Web Identity Tips.

Here are some simple tips to make sure you’re not posting TMI for identity thieves:

 

Limit the amount of personal information you post on your bog or profile. While you’re under 18, don’t post your full first and last name on your blog or social networking profile – make up a fun nickname or pseudonym to use instead. Never post your social security number, driver’s license number (if you have one!), cell phone number or home address.

 

Be careful what you blog. If your blog is public, don’t post stuff like my whole family is going on vacation for two weeks – a clever criminal can try to figure out where you live and take advantage of your family being gone, raid your mailbox and find all sorts of personal information.

 

Watch out for email scams or “phishing.” If you still check your old fashioned web email account, be very careful of spammers who send emails asking you for money or any other personal information. Don’t click on any email attachments unless you know who sent them. Just hit delete. 

 

Be wary of quizzes or other online surveys that ask you to enter lots of personal information.

 

Make sure any site you have to register to join is secure and legit. Be weary of contest sites advertised through pop-ups or associated with any brand or company you are not familiar with. If you’re shopping online, most likely you have to use your parent’s credit card, so make sure they check out the site before you enter in their information.

Identity Theft: Another Reason You Shouldn’t Share TMI Online by Anastasia Goodstein

 

Okay: A) Read Anastasia’s article & reasonings in the above mentioned link.  She is clearly brilliant.  B) If you are working with kids/tweens/teens… and you need to help intro the idea of identity & online protection, this is what I’ve kinda come up with…

 

The Game…. GUESS WHO?

What kids have trouble understanding is that slight information, the kind that doesn’t seem obvious, is the kind to keep in mind.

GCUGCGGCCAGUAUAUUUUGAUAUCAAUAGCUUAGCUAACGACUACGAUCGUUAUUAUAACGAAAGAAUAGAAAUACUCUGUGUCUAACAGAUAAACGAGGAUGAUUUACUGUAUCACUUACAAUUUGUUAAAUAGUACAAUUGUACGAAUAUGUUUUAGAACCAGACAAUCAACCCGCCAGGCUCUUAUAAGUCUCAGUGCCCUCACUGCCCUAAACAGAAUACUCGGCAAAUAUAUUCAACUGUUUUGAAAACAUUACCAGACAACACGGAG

There are three levels of identity info (at least in my mind):

1. Heavy hitters… Obvious stuff: First name, last name, email, home address, phone number

 

But what needs to be mentioned too are: 

2. Semi-obvious: School, parents names, team name (and don’t forget they tend to add their jersey numbers as well), IM NAMES(!), blogs, various sites & online presence, and personal account information (you have no idea how many kids leave their Club Penguin account info in my comments section for one of my old CP posts)

 

3.  Unique characteristics, parents jobs, school mascott, event locations (“I’m going to Disney World this weekend with my six brothers. We all have red hair and my Dad is in a wheelchair”), etc.

 

Some pieces of information shared do indeed seem innocent enough.  But it’s always good to prep kids on the full side of indentity & online life.  Tater Tot McGee joins a site, makes psuedo-friends online, and says things like “Our mascott is a badger.  It’s on my warmest sweatshirt”, the next week they mention “I’m going to a Bears football game with my dad this weekend!”, and “I just died my hair pink for the holidays!” < That can make Tater Tot McGee quite identifiable.

 

Okay, granted I’m being extreme and a safety-zealot about the info collection… but the point is, if you want to get it across to kids that safety isn’t a joke sometimes you have to be straight up serious with them.  Give ’em respect by giving them the facts and the fine details. 

 

Play “Guess Who?” with the tater tots.  Help make the identification process clearer in a game-like format, then explain to them about identity… connect the dots between the two.

 

Anyway, that’s just a tip.  I’ve used it a handful of times now and it works beautifully.  Opens kids eyes a bit, helps them realize how simple it is to identify someone.

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  1. November 5, 2007 at 11:04 pm

    My school had an internet safety seminar. I learned alot about a few simple sentances can turn into personal information. My friend’s website also had a comment that someone wrote about that.

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